The majority of users running WebHancer are not aware they are running it, unless they have noticed system side-effects or unusual data transfers from their machine. WebHancer, like “Comet Curse”, falls into the category of “everything-installs-it-can’t-get-rid-of-it” foistware, with completely unrelated software secretly installing the WebHancer product on the user’s system. (Given this, I think the program should be more aptly called “WebCancer” 🙂 In one of the most user-hostile moves I’ve seen in a while, the clandestine WebHancer install will alter critical Registry keys relating to Windows Sockets, causing the system’s Internet connection capabilities to break if the user dares to try uninstalling the spy. WebHancer’s makers claim not to modify system files (which is, technically, true) although they have confirmed that attempting to remove it will break your system.
How to remove:
As noted earlier, simply deleting WebHancer files from your system will result in losing your ability to connect to the Internet. WebHancer modifies your Windows Sockets configuration, binding itself to Winsock so that all packets are passed through WebHancer.
WebHancer’s suggested removal method is to make sure WebHancer is installed, and remove it using Windows’ Add/Remove Software feature as described at the bottom of WebHancer’s installation page. If you have already deleted WebHancer components, the company suggests that you download (or get a friend to download, due to the connectivity problem!) their Customer Companion, fully install it, then use Add/Remove Programs to uninstall.
If you cannot access the Internet and simply need to restore Internet access, try LSP-Fix program to repair the portion of the registry WebHancer and similar programs like to damage.
Be warned: Although uninstallation can in some cases go off without a hitch, in other cases it is extremely difficult to remove WebHancer completely. This letter from Doug D. explains just such a case.
WebHancer conflict with Microsoft IIS – causes problems with ASP scripts
Problems have been reported when WebHancer installs itself on a Windows 2000 system running IIS. Robert G. writes:
“It causes server script ASP pages to not work at all when the web application settings are in medium and high isolation modes. The default mode is medium which allows pretty good performance benefits over “low isolation” mode. WebHancer doesn’t seem to cause a problem with ASP pages when using low isolation mode.”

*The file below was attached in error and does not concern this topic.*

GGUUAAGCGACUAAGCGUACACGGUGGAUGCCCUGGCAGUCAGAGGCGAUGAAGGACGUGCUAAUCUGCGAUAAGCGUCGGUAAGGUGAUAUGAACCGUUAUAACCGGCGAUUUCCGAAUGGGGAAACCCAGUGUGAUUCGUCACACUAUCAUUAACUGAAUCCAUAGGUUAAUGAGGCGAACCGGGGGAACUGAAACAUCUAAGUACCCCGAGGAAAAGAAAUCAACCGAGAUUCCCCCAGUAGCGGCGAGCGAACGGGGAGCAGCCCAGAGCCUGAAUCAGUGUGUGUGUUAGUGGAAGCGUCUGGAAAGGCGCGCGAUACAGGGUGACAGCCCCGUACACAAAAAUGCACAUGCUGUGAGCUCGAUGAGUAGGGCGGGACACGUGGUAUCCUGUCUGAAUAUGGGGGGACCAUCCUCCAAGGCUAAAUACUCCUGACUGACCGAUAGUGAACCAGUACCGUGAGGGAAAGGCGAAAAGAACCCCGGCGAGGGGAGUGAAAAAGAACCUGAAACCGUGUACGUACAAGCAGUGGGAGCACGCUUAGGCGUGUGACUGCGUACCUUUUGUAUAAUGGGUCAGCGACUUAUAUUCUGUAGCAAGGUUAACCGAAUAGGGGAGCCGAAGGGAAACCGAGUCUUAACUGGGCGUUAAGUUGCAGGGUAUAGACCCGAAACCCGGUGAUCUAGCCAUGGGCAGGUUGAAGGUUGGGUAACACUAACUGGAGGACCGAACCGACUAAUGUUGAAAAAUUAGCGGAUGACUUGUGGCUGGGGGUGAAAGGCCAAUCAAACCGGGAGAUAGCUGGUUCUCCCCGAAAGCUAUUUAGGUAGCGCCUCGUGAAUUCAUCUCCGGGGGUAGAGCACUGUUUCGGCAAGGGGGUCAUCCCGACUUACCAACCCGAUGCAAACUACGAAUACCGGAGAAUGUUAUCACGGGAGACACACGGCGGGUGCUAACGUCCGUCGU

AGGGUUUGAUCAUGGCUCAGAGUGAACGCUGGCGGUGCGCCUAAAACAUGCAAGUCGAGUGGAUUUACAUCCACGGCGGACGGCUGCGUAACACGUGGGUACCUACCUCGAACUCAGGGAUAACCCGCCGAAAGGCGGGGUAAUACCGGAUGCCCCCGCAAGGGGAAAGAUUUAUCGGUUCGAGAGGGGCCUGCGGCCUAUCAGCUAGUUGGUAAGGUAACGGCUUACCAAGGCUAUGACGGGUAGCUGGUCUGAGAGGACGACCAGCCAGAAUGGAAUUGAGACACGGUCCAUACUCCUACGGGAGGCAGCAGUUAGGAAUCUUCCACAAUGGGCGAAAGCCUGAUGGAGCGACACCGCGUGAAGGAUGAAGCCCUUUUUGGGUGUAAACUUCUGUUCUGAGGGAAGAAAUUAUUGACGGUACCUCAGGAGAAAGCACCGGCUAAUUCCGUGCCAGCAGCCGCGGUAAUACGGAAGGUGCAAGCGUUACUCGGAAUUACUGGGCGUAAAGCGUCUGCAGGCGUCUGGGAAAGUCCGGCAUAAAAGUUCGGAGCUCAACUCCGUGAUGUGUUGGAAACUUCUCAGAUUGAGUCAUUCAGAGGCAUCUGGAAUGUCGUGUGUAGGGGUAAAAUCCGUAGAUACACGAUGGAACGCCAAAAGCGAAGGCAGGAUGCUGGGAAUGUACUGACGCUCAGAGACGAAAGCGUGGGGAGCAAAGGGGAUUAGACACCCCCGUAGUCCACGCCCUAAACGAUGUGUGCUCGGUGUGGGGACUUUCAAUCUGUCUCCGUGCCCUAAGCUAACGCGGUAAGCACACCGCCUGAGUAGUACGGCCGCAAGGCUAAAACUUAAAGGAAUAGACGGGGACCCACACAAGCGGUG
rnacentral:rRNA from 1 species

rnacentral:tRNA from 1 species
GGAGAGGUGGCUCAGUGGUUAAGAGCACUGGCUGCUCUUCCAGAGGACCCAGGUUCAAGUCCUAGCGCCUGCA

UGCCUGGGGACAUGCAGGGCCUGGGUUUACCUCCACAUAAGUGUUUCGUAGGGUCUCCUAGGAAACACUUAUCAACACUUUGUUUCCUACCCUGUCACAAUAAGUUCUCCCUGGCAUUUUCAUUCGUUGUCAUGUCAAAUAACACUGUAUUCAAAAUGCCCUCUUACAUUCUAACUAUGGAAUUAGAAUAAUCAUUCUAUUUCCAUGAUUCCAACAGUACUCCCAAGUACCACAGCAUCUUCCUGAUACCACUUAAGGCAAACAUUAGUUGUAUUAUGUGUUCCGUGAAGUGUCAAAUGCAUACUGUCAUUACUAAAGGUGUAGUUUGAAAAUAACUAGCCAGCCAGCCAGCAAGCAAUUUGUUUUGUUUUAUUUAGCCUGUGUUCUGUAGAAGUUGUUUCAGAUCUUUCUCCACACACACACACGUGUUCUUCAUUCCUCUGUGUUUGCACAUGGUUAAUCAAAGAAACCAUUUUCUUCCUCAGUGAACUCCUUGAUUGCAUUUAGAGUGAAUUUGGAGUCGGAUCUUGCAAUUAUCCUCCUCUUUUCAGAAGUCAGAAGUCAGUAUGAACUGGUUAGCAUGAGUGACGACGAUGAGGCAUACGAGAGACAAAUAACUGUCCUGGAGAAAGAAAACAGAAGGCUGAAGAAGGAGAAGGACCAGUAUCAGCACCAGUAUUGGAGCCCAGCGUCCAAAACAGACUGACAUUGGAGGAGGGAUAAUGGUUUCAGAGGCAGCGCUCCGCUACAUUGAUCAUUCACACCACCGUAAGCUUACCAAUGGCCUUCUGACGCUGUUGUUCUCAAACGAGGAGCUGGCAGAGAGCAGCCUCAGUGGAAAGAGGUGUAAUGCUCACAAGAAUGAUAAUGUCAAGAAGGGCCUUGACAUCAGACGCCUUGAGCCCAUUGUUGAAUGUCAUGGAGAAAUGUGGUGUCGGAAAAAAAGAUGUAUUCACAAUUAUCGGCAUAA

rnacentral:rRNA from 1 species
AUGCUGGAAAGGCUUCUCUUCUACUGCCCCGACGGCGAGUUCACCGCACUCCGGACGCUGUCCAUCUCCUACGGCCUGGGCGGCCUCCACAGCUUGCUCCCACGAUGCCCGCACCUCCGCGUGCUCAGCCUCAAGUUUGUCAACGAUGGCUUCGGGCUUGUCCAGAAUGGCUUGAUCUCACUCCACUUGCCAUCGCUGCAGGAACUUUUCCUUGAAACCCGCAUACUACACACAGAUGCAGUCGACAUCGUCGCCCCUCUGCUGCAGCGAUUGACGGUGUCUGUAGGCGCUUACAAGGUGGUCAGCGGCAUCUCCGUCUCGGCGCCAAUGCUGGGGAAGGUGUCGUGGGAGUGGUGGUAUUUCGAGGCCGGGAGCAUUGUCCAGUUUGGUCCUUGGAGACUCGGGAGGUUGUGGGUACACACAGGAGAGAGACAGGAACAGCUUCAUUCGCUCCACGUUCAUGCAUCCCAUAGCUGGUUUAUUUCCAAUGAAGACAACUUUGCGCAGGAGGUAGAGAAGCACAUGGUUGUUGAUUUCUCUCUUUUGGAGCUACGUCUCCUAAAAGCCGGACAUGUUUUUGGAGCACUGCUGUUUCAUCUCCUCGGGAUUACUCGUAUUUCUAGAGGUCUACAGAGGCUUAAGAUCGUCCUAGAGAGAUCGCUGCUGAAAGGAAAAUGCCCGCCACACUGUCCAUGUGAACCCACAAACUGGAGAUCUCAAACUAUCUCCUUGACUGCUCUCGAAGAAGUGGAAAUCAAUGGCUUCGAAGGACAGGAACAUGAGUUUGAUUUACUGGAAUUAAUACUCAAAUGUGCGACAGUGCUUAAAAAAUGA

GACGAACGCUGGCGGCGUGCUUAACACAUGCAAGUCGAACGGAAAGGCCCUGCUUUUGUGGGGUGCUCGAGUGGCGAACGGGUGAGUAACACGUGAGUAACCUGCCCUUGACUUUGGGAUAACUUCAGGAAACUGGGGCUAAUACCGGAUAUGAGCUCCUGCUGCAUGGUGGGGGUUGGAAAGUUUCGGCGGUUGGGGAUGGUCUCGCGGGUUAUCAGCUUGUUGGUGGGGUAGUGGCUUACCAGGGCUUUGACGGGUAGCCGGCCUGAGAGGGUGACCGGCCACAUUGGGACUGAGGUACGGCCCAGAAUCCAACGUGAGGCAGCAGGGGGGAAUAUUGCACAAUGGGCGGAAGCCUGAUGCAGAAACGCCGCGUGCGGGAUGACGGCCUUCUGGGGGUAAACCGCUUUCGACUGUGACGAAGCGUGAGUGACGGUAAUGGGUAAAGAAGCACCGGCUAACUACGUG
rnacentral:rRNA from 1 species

The suggested solution is to remove WebHancer and things should work as before. This semi-related MS Knowledge Base article may also be of interest:
Q303379: Firewall Client Conflict with Third-Party Layered Service Providers Causes Connectivity Problems
WebHancer associated with shdocvw.dll and Explorer errors, and bluescreens
An involuntary WebHancer user reports the following issues after a (failed) removal of WebHancer:
* Error messages:
“An error or exception occurred while calling the function “DllInstall” in “C:\WINDOWS\SYSTEM\shdocvw.dll”
“Explorer has caused an error in SHDOCVW.DLL. Explorer will now close.”
Similar error messages referring to SHELL32.DLL.
* Bluescreen errors
If anyone has also had this experience, please let me know (especially, if you know how to fix this 🙂
The webhancer process will appear on the Ctrl-Alt-Delete list (Task List) in Windows as Whagent. Any of the following files in your Windows directory indicate a WebHancer infestation:
If you have lost connectivity is this usually a sign of incorrectly removing the customer Companion. To correct this problem, re-install the Customer companion and follow the instructions below to remove.
How do I remove it completely?
To remove the agent, Click: START–>SETTING–>CONTROL PANEL
double click on ADD/REMOVE Programs.
scroll down to WEBHANCER AGENT and click ADD/REMOVE.
1. In your Windows (Winnt) directory, you can delete these files as well, as they are dll’s and files used only by the our agent:
2. Delete the WebHancer folder in the Program Files directory. (If you get a sharing violation on the wbhshare.dll its because its been loaded, you’ll need to reboot before deleting this directory).
3. Delete all the files out of you temp directory (most likely c:\temp). These files were put here temporarily during installation.
Andreas M. reports that some Webhancer installations coming along with other programs do not uninstall properly, even causing the Internet connection problems mentioned. The solution is to install the stand-alone version from WebHancer’s web site (ugggh), then remove it using Add/Remove Programs. Again, you can also use AD-Aware to safely remove Webhancer.
“how to” from http://www.cexx.org/webhancer.htm